They pass through Silver Lake Park, and a man on the golf course tips his hat.

    They stop at a red light in Stapleton, and young children scream their name.

    "I hope people never forget," said Chris Dowd, a firefighter at Rescue 5 for the last seven years. "And I hope that people don't look back on that day and think of the fear. I hope they think of the heroes."

    This roster of heroes is well known. They include men like Battalion Chief Louis Modafferi, the commander of the company. Ask the man who replaced him, and he says Modafferi can never be replaced.

    And there was Lt. Harvey Harrell, one of five guys from that company who came in from his day off to die in the line of duty.

    Firefighter Jeffrey Palazzo, the quick learner. Michael Fiore, who drove them there. Nicholas Rossomando, whose smile could melt through steel.

    And, of course, there were others, all trained in high-rise rescues, underwater saves and everything in between.

    "What can you say about them?" said Capt. John Ferry, on this Sept. 11 the head of the company. "There isn't enough."

    When those towers fell, changing the New York City skyline, the face of Rescue 5 changed with it. There are 13 new men in the firehouse and a few more spaces to be filled before the company is back to full strength. One firefighter transferred out after Sept. 11 and three more are on extended medical leave.

    The new group is meshing well, the veterans report. The men who have joined the unit since the attacks aren't trying to fill anyone's shoes, they're just trying to keep Rescue 5 on track.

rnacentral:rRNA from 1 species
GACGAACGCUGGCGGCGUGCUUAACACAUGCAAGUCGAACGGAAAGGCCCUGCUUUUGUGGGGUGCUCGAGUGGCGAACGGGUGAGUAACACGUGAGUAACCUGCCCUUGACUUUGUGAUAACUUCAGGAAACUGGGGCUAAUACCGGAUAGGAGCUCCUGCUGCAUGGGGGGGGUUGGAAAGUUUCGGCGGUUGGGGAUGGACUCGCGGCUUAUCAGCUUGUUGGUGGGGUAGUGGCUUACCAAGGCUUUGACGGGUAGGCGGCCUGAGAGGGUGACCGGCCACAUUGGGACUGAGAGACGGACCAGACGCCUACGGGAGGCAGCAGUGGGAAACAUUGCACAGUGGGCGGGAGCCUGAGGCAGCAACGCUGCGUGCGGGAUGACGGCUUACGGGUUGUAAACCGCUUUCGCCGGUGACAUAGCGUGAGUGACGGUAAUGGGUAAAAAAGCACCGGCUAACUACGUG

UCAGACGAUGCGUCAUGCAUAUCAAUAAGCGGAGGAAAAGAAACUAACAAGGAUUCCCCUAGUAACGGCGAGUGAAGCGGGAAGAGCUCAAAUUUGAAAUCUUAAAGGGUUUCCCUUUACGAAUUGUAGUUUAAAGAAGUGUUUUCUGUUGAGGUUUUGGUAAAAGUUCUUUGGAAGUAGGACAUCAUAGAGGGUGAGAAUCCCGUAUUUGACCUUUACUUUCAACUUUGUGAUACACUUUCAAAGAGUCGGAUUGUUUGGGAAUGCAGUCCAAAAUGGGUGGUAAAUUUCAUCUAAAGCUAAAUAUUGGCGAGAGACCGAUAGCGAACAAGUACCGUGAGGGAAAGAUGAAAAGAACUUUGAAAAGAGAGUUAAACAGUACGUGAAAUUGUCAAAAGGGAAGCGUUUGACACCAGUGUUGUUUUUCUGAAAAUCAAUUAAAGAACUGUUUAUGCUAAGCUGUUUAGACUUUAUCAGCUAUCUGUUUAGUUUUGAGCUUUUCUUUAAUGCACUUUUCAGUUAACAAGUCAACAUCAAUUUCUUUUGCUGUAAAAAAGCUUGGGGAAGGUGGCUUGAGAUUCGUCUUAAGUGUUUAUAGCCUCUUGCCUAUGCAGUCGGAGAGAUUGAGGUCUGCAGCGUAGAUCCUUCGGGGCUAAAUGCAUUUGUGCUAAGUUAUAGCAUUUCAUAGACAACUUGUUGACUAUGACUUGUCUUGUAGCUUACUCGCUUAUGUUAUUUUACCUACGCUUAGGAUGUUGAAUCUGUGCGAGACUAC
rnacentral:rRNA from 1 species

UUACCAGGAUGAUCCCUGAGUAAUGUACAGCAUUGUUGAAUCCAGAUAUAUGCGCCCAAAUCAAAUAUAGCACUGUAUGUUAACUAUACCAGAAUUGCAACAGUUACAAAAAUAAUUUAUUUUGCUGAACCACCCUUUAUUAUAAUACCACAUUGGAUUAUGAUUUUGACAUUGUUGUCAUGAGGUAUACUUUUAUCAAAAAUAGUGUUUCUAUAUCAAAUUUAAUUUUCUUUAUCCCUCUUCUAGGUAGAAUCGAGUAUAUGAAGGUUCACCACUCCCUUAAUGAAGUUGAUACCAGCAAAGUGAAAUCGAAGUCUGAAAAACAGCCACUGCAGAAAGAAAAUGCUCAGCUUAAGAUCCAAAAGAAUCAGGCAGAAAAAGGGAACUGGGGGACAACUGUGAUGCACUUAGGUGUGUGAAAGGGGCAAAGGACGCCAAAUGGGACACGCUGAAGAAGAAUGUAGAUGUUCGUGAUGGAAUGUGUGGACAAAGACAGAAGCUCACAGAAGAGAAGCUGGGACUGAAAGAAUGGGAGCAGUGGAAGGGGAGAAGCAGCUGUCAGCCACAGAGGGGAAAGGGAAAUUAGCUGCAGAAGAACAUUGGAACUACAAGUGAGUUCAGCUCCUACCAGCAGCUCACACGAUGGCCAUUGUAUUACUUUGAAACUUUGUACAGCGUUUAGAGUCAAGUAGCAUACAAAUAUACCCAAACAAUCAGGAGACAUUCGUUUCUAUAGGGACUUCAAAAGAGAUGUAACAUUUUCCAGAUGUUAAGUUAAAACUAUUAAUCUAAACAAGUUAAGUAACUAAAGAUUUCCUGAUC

"There is no way we can replace those brave guys, but I can try and help this company simply by being here," said Dennis Stagliaon, who spent 20 years with the FDNY before this, his first assignment in a rescue company.

    "I'm honored to be here," said Peter Greibesland, simply. "That's all I can say."

    The new guys were veterans before they got here, but 20 years on the job couldn't provide enough training for what awaited them on Clove Road. There were funerals and grieving family members. There were shoes too big to fill.

    "When you look at the guys who didn't make it, they represent a collective experience that will never be duplicated," said Lt. Gregory Haynes, who was transferred to Rescue 5 in February. "The skills and the knowledge of anyone who comes here will never compare to that. The caliber of the guys that were working that day alone, they can't be replaced."

    The company is drilling more frequently -- up to three times a day -- keeping up with the constant task of fine-tuning. For a firehouse in transition, the main goal is making sure the people who work there now are as good as the 11 who were lost.